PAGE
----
It would seem that the writer has a bone to pick with teachers.

I would guess that this person has never spoken to either teachers or students that are involved in technology classes. Students having unsupervised access to the internet through the use of cellphones is the current issue involving technology in schools, not Computer Science 11 classes.

My suggestion is that the letter writer work at their own best practices. Rather than vague references to studies and the poor state of education, let’s see some of that “overwhelming evidence.”

I was a teacher for 35 years and this person seems to have no clue about the current state of education in our schools.

Get off the internet and get into schools and then write a letter.

Mark R. Fetterly


Haultain changes stopped this cyclist

I see the City of Victoria is planning more street closures. I am glad they are going to consult with neighbours to ensure they don’t make areas dangerous.

I am a senior who lives off Haultain on the Cook Street side and used to ride my bike on Haultain Street but when they changed the intersection at Haultain and Fernwood my bike riding days stopped.

I find that intersection unsafe for inexperienced riders and I also no longer walk up Haultain.

Haultain was my comfort zone, I used to ride all the way to Willows Beach and home but no more, my bike sits in the garage with a flat tire.

So much for making my neighbourhood safer.

Eileen Cannon


After a safer supply, what will come next?

The British Columbia government has recently authorized the provision of “safer supply” fentanyl to youth across the province, regardless if parents are informed of, or agree to, this measure.

Oh, to be young again! I’m sure this policy will help to reduce addiction and all of the associated drug-related problems in B.C. We’ve all seen how the current drug policies by the government have successfully addressed the drug/homeless/criminal activities of the ne’er-do-wells on the streets.

But what a blatant example of ageism. We senior citizens should be demanding equality and a free, limitless supply of fentanyl and the other “happy” drugs for our consumption and pleasure!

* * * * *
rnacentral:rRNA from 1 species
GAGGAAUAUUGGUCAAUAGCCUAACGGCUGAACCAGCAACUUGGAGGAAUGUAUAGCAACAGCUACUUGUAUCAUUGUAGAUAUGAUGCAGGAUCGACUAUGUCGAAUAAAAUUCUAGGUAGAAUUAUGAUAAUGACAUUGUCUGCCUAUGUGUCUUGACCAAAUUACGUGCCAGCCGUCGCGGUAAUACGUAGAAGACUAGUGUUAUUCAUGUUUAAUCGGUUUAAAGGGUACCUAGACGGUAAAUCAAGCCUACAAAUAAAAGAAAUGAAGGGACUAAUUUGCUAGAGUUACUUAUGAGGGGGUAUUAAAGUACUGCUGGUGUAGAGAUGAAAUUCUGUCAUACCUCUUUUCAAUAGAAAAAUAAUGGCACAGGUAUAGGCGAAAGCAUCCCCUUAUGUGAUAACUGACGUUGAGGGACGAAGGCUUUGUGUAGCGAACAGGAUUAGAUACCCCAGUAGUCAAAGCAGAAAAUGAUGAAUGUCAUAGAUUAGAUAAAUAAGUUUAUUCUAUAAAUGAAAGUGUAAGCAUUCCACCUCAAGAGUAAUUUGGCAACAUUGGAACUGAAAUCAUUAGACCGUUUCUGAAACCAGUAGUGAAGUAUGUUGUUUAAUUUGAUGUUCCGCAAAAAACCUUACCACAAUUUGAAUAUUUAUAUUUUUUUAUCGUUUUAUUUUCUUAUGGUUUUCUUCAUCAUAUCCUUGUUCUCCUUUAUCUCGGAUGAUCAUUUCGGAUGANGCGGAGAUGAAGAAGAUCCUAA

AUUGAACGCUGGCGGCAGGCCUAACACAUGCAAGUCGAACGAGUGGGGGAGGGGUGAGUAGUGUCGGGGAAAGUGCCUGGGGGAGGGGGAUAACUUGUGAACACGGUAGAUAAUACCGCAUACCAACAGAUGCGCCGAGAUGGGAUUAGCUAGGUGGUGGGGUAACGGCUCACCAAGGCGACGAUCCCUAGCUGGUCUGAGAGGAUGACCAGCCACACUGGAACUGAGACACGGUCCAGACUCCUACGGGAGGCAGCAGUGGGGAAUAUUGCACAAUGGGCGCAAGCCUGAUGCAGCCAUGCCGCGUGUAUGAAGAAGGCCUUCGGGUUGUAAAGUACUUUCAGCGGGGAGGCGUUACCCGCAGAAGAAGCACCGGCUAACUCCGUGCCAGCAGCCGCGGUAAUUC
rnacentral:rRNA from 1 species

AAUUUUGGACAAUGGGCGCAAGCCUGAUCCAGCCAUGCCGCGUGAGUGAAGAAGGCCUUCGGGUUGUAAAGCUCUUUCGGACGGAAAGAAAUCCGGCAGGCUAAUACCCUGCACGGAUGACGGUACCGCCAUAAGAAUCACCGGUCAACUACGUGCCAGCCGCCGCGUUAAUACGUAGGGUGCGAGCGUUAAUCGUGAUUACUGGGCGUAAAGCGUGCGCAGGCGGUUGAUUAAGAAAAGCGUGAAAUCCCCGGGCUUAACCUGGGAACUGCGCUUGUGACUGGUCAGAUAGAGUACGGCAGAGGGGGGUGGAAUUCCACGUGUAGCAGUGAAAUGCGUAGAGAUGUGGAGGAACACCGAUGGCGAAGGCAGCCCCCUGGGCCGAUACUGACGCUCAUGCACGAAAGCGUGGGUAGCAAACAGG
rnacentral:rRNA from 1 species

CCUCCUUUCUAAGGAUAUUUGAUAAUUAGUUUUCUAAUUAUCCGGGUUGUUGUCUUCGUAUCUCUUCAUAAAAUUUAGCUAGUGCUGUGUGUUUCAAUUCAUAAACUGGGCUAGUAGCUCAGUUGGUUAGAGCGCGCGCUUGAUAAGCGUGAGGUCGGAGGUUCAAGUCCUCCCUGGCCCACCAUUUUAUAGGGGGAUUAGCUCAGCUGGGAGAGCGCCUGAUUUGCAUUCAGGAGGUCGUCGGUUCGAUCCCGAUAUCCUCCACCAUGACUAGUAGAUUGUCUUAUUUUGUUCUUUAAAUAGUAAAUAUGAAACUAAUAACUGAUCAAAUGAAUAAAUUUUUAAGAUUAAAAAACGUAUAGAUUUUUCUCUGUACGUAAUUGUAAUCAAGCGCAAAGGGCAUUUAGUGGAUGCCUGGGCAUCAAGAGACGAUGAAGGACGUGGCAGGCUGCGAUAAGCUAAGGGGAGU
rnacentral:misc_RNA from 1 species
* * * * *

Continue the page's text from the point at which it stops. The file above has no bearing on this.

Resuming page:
As long as we don’t have to get our parents’ consent! (And maybe demand free coffee from the government as well!)

Peter Davis

James Bay

All those new taxes are not helping us

It seems to me that most of society’s problems stem from inept politicians’ attempts to garner favour with the voters.

At the first sign of a problem, they impose new taxes or regulations to “save the day.” Every new tax and new requirement adds to the cost of products and depletes a taxpayer’s income. And it doesn’t solve it. Smoke and mirrors.

These convenient solutions used so often must be fought against. We pay too much in taxes. We are already over-regulated.

In order to control the conduct of the citizenry, any requirement must be enforced. It does no good to further impede the lives of the law-abiding when the risk to a “short-cutter” is zero. Will the law-abiding taxpayer be forced to fund the cost of enforcing any new law? Of course. The government has no other source of income.

Here’s a thought, Mr. or Ms. Politician. Just leave it the hell alone!

If it’s expensive to live in Victoria and a restaurant can’t attract employees at the wages they are willing to pay, so be it.

Either pay your people more or go broke. Simple. If I want to eat at your restaurant, I will have to pay more. Simple.

Any attempt to tax or regulate a way around “supply and demand” is futile. It won’t work. Simple.

Don Boult


Heat pump disappoints, so bring back logs

Re: “We need to plan for future energy needs,” letter, Jan. 19.

Like the letter writer, I made what I thought to be the environmental choice and installed a heat pump at considerable cost last year, only to watch helplessly during the January cold spell as my power bill soared and my house would not warm up beyond 16 C.

So I cleaned out the old fireplace, threw on a few logs and basked in the warmth knowing full well I was stepping back while trying to move forward.

D.G. Forbes

Oak Bay